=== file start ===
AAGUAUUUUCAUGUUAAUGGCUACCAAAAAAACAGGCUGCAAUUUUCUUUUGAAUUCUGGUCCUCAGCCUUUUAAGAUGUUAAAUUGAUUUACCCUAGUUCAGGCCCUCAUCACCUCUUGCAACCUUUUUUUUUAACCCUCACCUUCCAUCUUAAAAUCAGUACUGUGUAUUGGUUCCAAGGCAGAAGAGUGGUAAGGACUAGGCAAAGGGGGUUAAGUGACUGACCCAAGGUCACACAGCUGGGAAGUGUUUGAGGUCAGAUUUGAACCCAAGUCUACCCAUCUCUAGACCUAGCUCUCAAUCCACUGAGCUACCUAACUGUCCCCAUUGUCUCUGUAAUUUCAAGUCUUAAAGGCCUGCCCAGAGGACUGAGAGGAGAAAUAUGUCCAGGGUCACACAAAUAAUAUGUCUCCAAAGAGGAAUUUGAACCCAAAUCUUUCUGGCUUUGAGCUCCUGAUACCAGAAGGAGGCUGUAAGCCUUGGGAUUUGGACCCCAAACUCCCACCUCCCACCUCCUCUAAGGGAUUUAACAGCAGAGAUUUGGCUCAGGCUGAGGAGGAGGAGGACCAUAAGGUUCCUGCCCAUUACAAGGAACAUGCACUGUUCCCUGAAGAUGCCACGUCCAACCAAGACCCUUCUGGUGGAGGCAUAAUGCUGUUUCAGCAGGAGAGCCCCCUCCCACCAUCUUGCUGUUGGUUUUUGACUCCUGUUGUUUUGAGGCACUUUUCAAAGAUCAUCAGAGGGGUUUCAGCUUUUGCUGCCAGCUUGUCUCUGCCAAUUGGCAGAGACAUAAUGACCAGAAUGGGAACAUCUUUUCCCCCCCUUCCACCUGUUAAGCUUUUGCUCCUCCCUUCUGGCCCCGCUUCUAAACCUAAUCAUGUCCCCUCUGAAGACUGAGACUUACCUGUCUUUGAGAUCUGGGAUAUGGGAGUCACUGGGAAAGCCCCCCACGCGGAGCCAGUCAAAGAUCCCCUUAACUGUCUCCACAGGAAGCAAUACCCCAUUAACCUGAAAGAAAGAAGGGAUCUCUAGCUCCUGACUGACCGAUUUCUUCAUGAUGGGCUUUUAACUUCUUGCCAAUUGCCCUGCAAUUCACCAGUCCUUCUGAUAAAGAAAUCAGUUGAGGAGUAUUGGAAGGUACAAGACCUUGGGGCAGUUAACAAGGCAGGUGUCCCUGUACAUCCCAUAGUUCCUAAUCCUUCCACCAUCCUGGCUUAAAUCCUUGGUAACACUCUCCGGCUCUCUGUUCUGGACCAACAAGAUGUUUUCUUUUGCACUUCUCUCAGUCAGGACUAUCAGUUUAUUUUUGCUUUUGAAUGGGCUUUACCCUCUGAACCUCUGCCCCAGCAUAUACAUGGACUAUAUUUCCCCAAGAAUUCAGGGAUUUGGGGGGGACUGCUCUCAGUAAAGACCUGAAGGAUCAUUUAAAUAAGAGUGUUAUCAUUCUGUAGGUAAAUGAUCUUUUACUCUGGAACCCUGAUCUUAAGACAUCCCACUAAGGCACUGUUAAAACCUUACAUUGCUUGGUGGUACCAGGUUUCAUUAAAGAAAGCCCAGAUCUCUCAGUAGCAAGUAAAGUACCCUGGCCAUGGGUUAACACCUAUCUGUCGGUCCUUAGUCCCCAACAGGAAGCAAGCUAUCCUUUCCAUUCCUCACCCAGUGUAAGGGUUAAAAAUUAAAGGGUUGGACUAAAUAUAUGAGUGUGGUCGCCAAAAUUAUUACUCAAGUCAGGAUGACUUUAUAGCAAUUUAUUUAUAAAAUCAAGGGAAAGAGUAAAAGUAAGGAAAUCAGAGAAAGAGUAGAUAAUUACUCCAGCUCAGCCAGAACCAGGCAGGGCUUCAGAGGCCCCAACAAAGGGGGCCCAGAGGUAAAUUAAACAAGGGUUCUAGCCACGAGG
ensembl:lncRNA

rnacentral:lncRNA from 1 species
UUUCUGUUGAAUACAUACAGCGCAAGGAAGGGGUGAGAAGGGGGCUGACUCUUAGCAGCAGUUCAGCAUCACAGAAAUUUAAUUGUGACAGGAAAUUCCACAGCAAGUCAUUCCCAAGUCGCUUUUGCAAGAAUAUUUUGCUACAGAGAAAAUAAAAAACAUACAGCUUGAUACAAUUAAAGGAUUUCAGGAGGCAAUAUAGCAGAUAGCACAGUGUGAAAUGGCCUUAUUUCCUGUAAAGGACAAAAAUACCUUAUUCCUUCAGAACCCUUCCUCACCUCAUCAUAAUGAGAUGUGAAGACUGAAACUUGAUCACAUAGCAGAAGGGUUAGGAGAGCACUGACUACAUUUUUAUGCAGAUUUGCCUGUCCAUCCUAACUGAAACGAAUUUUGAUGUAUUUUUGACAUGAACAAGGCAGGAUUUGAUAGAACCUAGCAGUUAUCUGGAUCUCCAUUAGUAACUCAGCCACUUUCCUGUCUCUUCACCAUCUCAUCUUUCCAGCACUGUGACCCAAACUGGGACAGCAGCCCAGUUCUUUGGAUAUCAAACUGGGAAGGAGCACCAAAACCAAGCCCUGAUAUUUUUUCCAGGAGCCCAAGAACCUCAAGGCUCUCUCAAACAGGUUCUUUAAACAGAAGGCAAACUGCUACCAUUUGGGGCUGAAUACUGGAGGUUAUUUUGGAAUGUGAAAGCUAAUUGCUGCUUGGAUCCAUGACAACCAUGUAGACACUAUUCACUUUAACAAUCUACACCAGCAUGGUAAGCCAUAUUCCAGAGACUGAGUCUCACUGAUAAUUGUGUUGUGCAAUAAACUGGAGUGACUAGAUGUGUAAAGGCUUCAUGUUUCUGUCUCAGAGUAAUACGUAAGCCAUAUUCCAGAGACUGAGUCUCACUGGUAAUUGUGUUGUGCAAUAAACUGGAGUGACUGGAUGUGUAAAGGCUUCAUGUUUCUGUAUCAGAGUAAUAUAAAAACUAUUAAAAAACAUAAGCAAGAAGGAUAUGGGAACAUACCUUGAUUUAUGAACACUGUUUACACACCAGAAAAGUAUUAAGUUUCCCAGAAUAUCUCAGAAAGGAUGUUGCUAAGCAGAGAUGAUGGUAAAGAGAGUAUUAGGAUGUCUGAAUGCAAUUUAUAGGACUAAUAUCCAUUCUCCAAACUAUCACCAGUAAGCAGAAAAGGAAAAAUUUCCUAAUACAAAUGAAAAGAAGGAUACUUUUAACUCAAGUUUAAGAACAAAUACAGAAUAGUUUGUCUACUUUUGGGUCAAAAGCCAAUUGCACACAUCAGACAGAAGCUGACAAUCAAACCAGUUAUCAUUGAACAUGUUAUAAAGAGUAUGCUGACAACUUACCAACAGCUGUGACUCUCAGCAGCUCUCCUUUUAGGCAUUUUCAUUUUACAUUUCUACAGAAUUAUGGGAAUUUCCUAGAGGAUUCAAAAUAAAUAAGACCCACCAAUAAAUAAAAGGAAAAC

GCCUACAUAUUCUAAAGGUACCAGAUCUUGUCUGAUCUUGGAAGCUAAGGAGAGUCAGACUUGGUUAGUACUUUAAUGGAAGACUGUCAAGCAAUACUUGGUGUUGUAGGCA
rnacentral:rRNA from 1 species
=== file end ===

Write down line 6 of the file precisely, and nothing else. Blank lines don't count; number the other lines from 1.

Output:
rnacentral:rRNA from 1 species